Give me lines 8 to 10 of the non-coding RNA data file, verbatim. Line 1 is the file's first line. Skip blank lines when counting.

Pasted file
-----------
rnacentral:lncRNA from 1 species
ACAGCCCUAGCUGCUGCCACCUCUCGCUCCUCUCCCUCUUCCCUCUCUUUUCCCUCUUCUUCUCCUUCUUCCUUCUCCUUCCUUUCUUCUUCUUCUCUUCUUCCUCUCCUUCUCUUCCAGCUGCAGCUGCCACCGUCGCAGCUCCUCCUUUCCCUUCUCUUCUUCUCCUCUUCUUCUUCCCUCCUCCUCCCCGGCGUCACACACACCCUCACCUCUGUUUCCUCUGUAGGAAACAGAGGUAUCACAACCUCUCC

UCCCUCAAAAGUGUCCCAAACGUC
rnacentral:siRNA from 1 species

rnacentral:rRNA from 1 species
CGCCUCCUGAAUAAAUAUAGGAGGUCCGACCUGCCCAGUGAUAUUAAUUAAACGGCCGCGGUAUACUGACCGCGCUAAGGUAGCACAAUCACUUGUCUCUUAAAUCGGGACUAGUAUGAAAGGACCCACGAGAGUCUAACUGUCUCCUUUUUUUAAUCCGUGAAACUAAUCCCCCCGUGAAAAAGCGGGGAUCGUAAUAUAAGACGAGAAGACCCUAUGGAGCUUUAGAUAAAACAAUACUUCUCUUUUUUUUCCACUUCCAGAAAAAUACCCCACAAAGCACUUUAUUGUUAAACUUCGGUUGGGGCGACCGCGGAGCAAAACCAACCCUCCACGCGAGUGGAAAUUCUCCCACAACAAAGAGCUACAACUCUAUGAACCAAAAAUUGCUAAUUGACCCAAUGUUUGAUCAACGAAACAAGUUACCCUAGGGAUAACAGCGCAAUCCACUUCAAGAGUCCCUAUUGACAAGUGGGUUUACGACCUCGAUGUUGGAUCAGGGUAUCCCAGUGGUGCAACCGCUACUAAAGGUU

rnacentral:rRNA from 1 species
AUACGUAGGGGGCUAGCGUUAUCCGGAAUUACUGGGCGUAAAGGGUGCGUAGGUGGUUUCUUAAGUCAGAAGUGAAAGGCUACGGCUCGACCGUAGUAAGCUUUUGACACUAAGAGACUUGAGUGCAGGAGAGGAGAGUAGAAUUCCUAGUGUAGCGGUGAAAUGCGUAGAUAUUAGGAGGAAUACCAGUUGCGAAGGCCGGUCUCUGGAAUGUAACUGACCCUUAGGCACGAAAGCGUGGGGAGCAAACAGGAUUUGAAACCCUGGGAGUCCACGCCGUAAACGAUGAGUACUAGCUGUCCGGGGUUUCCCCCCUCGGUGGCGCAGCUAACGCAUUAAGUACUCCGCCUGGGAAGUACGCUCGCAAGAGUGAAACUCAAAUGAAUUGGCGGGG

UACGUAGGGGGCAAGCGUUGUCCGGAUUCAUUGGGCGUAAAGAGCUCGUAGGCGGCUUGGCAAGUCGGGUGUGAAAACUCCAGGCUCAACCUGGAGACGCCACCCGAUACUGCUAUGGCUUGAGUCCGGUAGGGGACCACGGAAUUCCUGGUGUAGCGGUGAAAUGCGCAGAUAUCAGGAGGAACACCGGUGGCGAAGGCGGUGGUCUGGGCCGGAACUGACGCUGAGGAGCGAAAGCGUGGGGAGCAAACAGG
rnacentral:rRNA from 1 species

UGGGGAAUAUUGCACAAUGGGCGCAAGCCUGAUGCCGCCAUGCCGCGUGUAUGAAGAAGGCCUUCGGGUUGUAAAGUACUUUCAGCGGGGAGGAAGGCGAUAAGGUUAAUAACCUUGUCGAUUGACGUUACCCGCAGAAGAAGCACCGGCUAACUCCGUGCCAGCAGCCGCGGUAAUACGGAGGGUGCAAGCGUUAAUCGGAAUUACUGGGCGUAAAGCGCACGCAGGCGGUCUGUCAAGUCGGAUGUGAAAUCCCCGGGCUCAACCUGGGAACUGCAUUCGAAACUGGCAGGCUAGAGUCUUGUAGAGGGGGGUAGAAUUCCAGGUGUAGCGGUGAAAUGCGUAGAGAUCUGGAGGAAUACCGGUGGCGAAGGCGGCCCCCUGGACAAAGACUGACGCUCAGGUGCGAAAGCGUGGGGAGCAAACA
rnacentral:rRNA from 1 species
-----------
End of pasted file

AUACGUAGGGGGCUAGCGUUAUCCGGAAUUACUGGGCGUAAAGGGUGCGUAGGUGGUUUCUUAAGUCAGAAGUGAAAGGCUACGGCUCGACCGUAGUAAGCUUUUGACACUAAGAGACUUGAGUGCAGGAGAGGAGAGUAGAAUUCCUAGUGUAGCGGUGAAAUGCGUAGAUAUUAGGAGGAAUACCAGUUGCGAAGGCCGGUCUCUGGAAUGUAACUGACCCUUAGGCACGAAAGCGUGGGGAGCAAACAGGAUUUGAAACCCUGGGAGUCCACGCCGUAAACGAUGAGUACUAGCUGUCCGGGGUUUCCCCCCUCGGUGGCGCAGCUAACGCAUUAAGUACUCCGCCUGGGAAGUACGCUCGCAAGAGUGAAACUCAAAUGAAUUGGCGGGG

UACGUAGGGGGCAAGCGUUGUCCGGAUUCAUUGGGCGUAAAGAGCUCGUAGGCGGCUUGGCAAGUCGGGUGUGAAAACUCCAGGCUCAACCUGGAGACGCCACCCGAUACUGCUAUGGCUUGAGUCCGGUAGGGGACCACGGAAUUCCUGGUGUAGCGGUGAAAUGCGCAGAUAUCAGGAGGAACACCGGUGGCGAAGGCGGUGGUCUGGGCCGGAACUGACGCUGAGGAGCGAAAGCGUGGGGAGCAAACAGG
rnacentral:rRNA from 1 species